A country church once paid $1,500 per acre more than “fair market value” for 2 acres of land adjoining the existing church property. In another transaction, a young couple agreed to accept $7,900 less than “fair market value” for their three-year-old tract home.
Once “fair market value” is established on a piece of real estate, other factors such as availability and time pressure may influence the final sales price. The church wanted the additional 2 acres adjoining church property to use for a picnic area for now and space to build a school in the future. Property located in any other spot would have been unsuitable. Thus the adjacent land held more value for the church because of its location, and they were willing to pay the price.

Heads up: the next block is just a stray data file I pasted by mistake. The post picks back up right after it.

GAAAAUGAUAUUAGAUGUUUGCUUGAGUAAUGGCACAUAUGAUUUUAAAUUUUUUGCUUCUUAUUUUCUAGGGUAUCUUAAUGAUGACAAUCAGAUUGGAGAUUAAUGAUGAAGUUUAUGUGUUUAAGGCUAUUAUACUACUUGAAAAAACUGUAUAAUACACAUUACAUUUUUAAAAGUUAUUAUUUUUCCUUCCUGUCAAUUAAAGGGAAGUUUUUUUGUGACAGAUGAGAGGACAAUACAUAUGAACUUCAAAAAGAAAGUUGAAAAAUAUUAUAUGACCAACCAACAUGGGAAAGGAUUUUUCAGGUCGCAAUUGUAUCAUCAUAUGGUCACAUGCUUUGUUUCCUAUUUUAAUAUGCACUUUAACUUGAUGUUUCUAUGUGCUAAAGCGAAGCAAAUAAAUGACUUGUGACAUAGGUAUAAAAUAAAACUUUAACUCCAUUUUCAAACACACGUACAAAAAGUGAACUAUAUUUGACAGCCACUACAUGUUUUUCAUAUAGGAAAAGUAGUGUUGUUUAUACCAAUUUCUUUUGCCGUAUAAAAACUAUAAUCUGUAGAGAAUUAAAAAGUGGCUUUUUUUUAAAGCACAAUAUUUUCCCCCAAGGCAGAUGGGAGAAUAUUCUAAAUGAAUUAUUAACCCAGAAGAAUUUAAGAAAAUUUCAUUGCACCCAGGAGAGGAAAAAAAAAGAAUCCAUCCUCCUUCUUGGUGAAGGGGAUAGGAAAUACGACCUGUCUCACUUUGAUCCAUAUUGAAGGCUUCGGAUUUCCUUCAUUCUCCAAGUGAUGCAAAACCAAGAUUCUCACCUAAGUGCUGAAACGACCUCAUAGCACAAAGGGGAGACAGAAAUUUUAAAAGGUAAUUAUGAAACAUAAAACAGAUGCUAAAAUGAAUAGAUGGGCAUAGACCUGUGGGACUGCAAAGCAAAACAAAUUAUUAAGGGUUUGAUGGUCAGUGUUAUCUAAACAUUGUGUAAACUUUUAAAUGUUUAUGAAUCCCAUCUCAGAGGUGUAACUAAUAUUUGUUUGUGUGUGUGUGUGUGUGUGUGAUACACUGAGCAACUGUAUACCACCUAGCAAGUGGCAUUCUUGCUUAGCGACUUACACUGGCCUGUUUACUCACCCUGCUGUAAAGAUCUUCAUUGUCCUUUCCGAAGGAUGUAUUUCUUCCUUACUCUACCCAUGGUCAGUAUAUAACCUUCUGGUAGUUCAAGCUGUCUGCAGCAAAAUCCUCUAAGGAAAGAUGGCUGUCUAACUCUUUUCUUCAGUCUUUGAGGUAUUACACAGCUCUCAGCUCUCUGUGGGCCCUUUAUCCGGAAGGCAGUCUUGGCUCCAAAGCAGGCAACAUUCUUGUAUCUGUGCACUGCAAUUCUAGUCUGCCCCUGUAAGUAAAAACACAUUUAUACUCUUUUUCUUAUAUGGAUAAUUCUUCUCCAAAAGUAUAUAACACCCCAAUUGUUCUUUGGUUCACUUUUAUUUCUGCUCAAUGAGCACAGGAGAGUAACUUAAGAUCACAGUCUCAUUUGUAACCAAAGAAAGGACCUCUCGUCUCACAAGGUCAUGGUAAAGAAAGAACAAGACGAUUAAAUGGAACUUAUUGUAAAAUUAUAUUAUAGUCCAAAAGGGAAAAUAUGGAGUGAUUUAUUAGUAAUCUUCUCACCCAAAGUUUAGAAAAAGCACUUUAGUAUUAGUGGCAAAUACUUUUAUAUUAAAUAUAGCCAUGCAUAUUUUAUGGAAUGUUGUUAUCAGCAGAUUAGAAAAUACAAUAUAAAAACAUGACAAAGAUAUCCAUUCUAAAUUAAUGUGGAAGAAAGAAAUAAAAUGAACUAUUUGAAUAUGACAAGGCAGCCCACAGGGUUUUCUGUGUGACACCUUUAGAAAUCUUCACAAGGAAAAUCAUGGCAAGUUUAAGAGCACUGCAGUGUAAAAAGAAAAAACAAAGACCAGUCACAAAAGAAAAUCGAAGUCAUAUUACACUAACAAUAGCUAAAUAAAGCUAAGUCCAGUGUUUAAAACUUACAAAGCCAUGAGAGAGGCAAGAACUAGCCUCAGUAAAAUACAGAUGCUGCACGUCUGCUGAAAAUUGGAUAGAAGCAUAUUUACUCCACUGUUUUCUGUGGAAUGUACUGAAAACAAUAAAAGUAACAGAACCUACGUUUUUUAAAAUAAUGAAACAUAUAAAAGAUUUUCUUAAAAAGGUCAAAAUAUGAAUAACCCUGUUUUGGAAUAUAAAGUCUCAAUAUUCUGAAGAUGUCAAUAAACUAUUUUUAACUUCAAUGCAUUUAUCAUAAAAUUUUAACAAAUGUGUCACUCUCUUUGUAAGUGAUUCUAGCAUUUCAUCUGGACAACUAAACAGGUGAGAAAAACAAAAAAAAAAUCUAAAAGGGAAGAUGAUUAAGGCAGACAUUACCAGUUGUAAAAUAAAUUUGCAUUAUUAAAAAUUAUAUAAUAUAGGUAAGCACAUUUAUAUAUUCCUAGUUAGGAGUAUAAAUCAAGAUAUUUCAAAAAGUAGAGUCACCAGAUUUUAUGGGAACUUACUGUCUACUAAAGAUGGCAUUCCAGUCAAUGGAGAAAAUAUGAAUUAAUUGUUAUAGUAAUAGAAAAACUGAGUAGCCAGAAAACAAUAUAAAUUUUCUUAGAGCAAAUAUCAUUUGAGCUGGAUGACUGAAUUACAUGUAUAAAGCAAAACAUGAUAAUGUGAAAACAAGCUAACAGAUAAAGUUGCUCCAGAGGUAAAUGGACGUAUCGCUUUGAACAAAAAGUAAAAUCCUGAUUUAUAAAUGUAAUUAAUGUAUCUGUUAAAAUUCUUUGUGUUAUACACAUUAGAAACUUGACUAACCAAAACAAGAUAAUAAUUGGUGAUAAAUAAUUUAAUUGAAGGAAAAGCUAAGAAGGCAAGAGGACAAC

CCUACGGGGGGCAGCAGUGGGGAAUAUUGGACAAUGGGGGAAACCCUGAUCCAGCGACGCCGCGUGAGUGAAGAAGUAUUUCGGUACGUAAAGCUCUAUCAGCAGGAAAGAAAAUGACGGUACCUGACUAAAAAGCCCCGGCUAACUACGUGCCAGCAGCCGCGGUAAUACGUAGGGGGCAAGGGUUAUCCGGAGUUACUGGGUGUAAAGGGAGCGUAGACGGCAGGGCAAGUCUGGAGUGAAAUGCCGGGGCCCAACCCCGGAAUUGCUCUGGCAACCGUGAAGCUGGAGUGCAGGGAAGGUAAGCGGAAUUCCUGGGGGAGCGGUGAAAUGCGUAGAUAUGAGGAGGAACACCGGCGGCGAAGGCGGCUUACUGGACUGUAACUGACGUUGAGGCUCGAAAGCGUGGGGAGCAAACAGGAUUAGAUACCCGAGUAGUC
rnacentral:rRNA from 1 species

The couple that accepted $7,900 less than fair market value for their home exemplifies the concept of time pressure. The husband, a middle management candidate within his company, was offered a promotion in another state. He was anxious to move his family and assume his new responsibilities as quickly as possible. Yet, he wanted to keep the family unit together instead of leaving his wife behind to handle the children and all the household duties on her own, not to mention keeping their home in top condition for all the showings. They weighed waiting for a possible higher selling price for their home against a fast move to the new job. The new job won out, resulting in a lower than fair market value sales price.
Keep in mind that even when the final sales price of real estate is higher or lower than “fair market value,” both the buyers and sellers may still be very happy with the transaction. Its just a matter of making choices and deciding what’s best in the long run.
Contact the Kathy Henne Team RE/MAX FINEST by calling (937) 778-3961.
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